Inside A Big Old, Rambling Victorian

The Cedars

Washington, GA – This 18 room house is known as “The Cedars” – it’s a Big Old Georgia Home for sure!  And the land here was originally an Indian homesite, and later owned by George Walton, a signer of the Declaration of Independence.

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George Walton one of the Declaration of Independence Signers

 

 

 

 

 

 

 

 

The original house was started 1793, added onto in 1805, and then the big two story addition was added in 1885.  Style-wise, they call this High Victorian.  Check out the outside details before we go in.  They just kept adding and adding to this place!

Victorian woodwork

 

Porch detail

Here’s a picture from 1889, soon after the big front addition was completed (courtesy Ga Archives).  I wasn’t sure why an 11 room addition was necessary, but get this – the owner at that time had 10 children.  That’s why you build a big old rambling Victorian house!  Guess they needed the room, huh?

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I always like knowing what the houses I see looked like in the old days, and here’s a picture of one of the parlors in 1925 (Ga Archives, Vanishing Georgia Collection).  The house has 2 kitchens and 2 parlors – and they stretch to a total of 90 feet.

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Looking around in the house, it’s got so many rooms, and it’s asymmetrical, so it’s hard to get a picture that conveys the sheer size of this place.  But you can tell this large family must have enjoyed this house, and just think if walls could talk! I liked the lived in feel in here.

Stairwell

 

Hall

 

double parlor

 

Dining

 

Thanks for going on this quick trip through this Big Old Georgia Home!  Appreciate you reading this!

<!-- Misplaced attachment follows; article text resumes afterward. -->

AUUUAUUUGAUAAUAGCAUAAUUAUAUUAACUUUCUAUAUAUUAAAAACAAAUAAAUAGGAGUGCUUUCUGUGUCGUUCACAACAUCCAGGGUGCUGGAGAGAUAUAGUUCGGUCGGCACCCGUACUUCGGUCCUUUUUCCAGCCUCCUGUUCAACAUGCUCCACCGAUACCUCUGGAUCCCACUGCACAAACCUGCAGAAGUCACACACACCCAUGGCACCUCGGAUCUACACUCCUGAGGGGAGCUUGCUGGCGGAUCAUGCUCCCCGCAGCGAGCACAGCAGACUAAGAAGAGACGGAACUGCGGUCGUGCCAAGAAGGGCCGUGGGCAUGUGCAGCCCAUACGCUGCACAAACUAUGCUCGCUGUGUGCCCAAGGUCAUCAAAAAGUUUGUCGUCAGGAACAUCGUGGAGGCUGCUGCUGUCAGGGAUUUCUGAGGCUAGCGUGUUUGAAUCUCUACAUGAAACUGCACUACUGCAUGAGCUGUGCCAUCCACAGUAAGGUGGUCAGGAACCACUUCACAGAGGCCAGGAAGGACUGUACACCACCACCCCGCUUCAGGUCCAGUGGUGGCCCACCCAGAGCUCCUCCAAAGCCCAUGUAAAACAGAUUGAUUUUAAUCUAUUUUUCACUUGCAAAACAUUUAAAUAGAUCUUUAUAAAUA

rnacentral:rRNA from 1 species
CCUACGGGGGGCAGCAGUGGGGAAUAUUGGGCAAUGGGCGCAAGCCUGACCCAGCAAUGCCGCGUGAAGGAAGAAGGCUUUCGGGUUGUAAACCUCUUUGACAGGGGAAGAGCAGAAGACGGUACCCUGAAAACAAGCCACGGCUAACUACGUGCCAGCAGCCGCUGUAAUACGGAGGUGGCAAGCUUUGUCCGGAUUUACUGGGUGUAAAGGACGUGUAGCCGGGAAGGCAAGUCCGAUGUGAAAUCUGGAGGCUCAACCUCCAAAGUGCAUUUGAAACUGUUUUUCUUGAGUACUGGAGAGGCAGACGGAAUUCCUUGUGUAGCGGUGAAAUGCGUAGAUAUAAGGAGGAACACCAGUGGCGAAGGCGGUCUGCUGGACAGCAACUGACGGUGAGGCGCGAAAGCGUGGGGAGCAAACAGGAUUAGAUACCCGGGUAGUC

6 Comments

  1. Beautiful as always

  2. Growing up in Georgia we always appreciated the wonderful older homes, so much history in these homes!

  3. The Cedars belonged to several generations of my ancestors going back to the Colley Family, then the Robert Family and later the Sims. I never knew about Walton owning it but I know a Frenchman lived there originally and that General LaFayette once stayed there. The home was passed down through the daughters and son in laws of the family. My Great Grandmother lived there then my Great Grandmother was born & died there and my Grandmother and her siblings were born there too. After her parents died she and her siblings returned to live there with their aunt. There were I think 20 people living in the home at one point (it had 21 rooms then) because so many cousins were living there due to being orphaned. The silver knee buckles that were once owned by Cornwallis used to be on display in the home but were moved to the museum years ago. Many of the girls in the family had male names, odd but I guess there were few sons. There were two females named Clifford (probably a family surname) and my Grandmother’s baby sister was also named Mary Clifford Irvine. Milton George Robert (of the Swiss/French Huguenot Roberts of Charleston) was a planter and I would imagine he owned much of the land beside and behind the house in the 1860s.

  4. *Great Great Grandmother, Great Grandmother & Grandmother!

  5. The picture taken in 1889, my Grandmother was born in January of 1889 and may well be one of the babies in the photo.

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